Do you know of the Stoned Fox meme? Chances are you have seen it somewhere even if you don’t know what it is first-hand, this taxidermy fox is a viral hit and has literally travelled the world. His creator Adele Morse is an artist working in London who specialises in sculpture and taxidermy. Since the original fox went viral Adele has made many more anthropomorphic critters including a raccoon, a hedgehog, some rats, many more foxes and a little goat named Billy, who also recently became a viral sensation in Morocco for being the spawn of Satan/witchcraft/a summoned demon of some sort (You couldn’t make it up!).

Last year Adele tried to get her original fox back from some people who had broken him and generally treated him quite badly, the catch was that to get her own artwork back she was going to have to buy him back. To raise the funds for this a friend of Adele’s set up a GoFundMe to bring the fox home! For a small donation you would be sent a print of the fox and the knowledge that you helped an artist regain some control of her own work.

At one of the 2018 TOAF fairs two illustration students turned their stall into a participatory project, inviting visitors to have their animal portrait drawn. I still have my cat portrait framed on the wall.

Because of recent development work in the town, last year a group of artists and designers in Harlow found themselves having to say goodbye to their studios at Gatehouse Arts. The decision was made by Abbie and Harry at SnootieStudios to put on one last goodbye show in their gallery in which they celebrated the work created in the studios as well as works by artists who have had a past connection to the studios and gallery or who just live and work in Harlow. Having grown up in the town and previously working on an exhibition in the gallery with a group of friends back in 2015 I was able to submit and exhibit my own etchings in the exhibition along side many others.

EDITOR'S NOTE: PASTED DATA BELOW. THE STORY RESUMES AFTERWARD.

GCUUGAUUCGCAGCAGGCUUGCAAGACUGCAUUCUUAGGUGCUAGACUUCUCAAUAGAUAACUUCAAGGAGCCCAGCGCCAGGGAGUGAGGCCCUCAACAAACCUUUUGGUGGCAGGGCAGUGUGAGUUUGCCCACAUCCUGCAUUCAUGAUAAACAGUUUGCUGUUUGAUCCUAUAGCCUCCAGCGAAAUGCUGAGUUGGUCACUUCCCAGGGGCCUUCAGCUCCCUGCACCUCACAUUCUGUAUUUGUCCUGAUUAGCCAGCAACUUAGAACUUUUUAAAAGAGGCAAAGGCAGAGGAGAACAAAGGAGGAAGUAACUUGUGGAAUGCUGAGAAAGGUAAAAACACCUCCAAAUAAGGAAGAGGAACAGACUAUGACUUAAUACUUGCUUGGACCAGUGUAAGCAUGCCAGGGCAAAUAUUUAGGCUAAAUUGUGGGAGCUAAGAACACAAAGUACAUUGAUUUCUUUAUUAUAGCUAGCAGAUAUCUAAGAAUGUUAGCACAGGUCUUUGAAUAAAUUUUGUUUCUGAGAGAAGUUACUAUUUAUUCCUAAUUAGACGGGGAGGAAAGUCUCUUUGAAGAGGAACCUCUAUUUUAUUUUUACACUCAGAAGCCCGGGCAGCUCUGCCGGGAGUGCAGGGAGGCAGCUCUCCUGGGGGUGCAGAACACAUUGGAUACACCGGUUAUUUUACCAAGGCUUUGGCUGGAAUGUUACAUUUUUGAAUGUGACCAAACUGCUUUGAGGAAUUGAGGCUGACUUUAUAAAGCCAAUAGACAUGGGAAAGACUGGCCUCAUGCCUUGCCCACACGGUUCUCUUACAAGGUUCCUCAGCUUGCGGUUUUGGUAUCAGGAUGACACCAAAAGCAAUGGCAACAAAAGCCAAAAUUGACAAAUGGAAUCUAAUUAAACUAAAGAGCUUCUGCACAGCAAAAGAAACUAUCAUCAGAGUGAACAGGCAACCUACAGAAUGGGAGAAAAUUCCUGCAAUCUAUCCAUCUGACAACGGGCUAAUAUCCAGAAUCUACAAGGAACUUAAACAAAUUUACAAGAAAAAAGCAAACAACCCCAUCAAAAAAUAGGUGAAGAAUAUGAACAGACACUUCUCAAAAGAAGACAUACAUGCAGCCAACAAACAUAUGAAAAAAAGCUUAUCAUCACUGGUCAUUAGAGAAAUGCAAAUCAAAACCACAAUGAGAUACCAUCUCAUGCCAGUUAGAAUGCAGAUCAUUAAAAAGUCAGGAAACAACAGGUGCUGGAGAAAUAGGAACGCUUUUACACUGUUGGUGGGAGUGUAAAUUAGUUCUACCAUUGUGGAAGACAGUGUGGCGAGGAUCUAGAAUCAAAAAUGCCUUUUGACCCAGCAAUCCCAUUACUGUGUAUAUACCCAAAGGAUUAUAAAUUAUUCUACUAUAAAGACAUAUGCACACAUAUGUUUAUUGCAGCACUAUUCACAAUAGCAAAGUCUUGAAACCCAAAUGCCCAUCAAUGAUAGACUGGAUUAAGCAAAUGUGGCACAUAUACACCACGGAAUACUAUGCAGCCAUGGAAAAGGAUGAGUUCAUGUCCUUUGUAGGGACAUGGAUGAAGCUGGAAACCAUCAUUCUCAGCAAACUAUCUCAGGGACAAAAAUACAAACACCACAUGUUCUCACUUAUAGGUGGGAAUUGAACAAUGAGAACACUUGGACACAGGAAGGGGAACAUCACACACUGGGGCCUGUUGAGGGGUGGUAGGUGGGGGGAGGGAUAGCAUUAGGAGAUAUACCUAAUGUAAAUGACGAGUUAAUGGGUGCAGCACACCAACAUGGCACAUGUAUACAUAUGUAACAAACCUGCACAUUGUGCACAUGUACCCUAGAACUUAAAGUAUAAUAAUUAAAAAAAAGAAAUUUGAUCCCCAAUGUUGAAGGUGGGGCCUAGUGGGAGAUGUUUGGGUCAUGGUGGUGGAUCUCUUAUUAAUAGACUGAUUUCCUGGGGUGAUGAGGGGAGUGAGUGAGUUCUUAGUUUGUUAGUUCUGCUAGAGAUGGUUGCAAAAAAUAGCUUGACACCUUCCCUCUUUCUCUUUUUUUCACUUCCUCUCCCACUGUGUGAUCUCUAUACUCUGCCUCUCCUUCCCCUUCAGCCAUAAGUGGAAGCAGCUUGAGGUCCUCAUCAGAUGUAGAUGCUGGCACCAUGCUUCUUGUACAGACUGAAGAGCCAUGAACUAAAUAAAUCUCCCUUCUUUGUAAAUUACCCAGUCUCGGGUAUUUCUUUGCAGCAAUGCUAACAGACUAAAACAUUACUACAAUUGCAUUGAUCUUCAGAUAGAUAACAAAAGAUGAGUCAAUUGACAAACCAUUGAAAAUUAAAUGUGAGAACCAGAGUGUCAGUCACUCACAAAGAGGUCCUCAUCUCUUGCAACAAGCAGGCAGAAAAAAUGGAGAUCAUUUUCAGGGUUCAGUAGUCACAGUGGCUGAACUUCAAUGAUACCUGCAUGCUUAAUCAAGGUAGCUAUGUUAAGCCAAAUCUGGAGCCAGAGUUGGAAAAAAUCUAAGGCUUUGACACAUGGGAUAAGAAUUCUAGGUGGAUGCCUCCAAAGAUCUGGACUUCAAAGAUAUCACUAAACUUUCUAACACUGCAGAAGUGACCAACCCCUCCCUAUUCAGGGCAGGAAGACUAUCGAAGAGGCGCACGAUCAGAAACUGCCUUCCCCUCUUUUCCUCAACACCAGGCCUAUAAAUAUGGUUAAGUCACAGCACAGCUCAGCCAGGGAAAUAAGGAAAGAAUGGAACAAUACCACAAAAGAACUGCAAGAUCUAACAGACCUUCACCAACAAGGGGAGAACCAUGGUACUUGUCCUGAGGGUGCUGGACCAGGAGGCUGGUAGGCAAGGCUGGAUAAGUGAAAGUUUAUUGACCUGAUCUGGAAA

For the Private view Abbie and Harry made their own home brew beer in the bathrooms of the studios and bottled it in vintage (unused) medicine bottles and printed up their own labels, naming their creation ‘good booze’.

I’ve known Abbie and Harry for many years and this eccentric idea and design is so typically them, I had to keep a bottle! It now sits proudly in my kitchen with Audrey, my Venus fly trap… because why not?

And lastly, for this blog anyway, sat on my bookshelf is a memento from the first exhibition I was involved in with Sweet ‘Art. I created these 3D representations of the Femfest posters by casting a real Femfresh bottle in plaster and then painting. Originally created as special press invitations we also had a few on display at the exhibition itself, do any of you remember them?

There are other artworks scattered around the house, including some of my own work so maybe if this lockdown carries on much longer I’ll do a Lockdown Art part 3.5 and show off a few more examples but for now, I hope you’ve enjoyed snooping around my collection!

An Interview with Suzie Pindar, by Charlotte Elliston

Hopefully you’ve been enjoying our lockdown blog so far. This is the second in our series of our artist interviews and ‘studio visits’ via video conferencing software (check out Sian’s interview with Justine Winter for the first).